When the Green Bay Packers drafted Brian Brohm in the second round of the 2008 NFL Draft, I was excited. Not only did the Packers seem to have a solid future backup and potential trade bait, but they got a guy who was once considered a sure-fire top 10 pick in the second round. I envisioned Brohm as someone who could put pressure on Aaron Rodgers for the Packers’ starting quarterback job, once he got his NFL bearings.

Visions of Joe Montana and Steve Young slugging it out every year during the San Francisco 49ers’ training camp were dancing in my head.

And then…

And then Brohm not only fell short of expectations during the preseason, he fell off the map, eventually being demoted to third on the Packers’ depth chart behind seventh-round pick, Matt Flynn. Brohm was abysmal during the preseason, going 19-for-42 (45.2 percent) for 155 yards, 0 touchdowns and 1 interception, a 45.2 rating. Worse, he looked like he didn’t even belong on an NFL field.

The thought of Brohm, or later Flynn (27-of-42 (64.3 percent) for 209 yards, 3 touchdowns and 0 interceptions, for a 100.2 rating), leading the Packers anywhere if Rodgers succumbed to injury was so nauseating, that I repeatedly called for the team to pick up a veteran signal caller, like Chris Simms.

The Packers made no such move, and luckily, Rodgers stayed healthy for a full season.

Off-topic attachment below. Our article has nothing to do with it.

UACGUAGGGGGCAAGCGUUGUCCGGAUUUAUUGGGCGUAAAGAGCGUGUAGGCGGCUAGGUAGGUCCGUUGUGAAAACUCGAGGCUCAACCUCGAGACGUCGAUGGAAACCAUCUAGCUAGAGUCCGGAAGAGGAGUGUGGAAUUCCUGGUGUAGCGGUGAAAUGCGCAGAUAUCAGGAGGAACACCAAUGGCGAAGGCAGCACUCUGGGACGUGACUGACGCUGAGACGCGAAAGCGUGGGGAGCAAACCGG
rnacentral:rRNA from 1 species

When training camp rolls around this August, the Packers will again go with the combo of Flynn and Brohm as the backups to Rodgers. And… unfortunately, it doesn’t look much better than last season.

Neither quarterback has demonstrated much improvement and their list of doubters is long.

Green Bay Press Gazette Packers beat writer Mike Vandermause:

If Rodgers goes down early in the season, I think the Packers would be hard-pressed to have a winning season with either Flynn or Brohm at QB. It takes time to become an effective QB in this league. I know there are exceptions, but I wouldn’t feel confident with either of them starting at this point. I was surprised the Packers took such a big risk last season having two rookies as reserves. I suppose there weren’t, and still aren’t, many alternatives in terms of effective veteran backups.

Railbird Central’s Brian Carriveau calls Brohm the Packers’ player most likely to fail:

After a disappointing ’08 campaign that saw him drafted in the second round and then demoted to third on the depth chart, Brohm has yet to give reason he’ll turn things around. Things could change quickly in training camp. And I’m not buying the excuse that he’s throwing to third string wide receivers. They know how to catch.

ESPN NFC North blogger Kevin Seifert:

I can’t say I was impressed with either him (Flynn) or Brohm during minicamp. Every time I looked up, Flynn was scrambling instead of throwing the ball in team drills. That’s generally not a good thing — in practice.

I didn’t keep an exact count, but Flynn took off routinely in the drills I watched over two days. I wouldn’t pretend that every busted play was his fault. But all you had to do is watch how much smoother the passing game worked with Rodgers to realize that, at times, Flynn was having trouble running the offense.

And Seifert expects Flynn to beat out Brohm. Not good!

Like Seifert, most prognosticators expect the Packers’ quarterback depth chart to remain the same.

From Fox Sports:

The pecking order on the depth chart remains the same, unless Brohm does a complete 180 in the preseason with his accuracy and numbers to wrest the No. 2 job that he frittered away as a second-round draft pick last year. Flynn, a seventh-round choice in 2008, makes up for an adequate arm with headiness and leadership.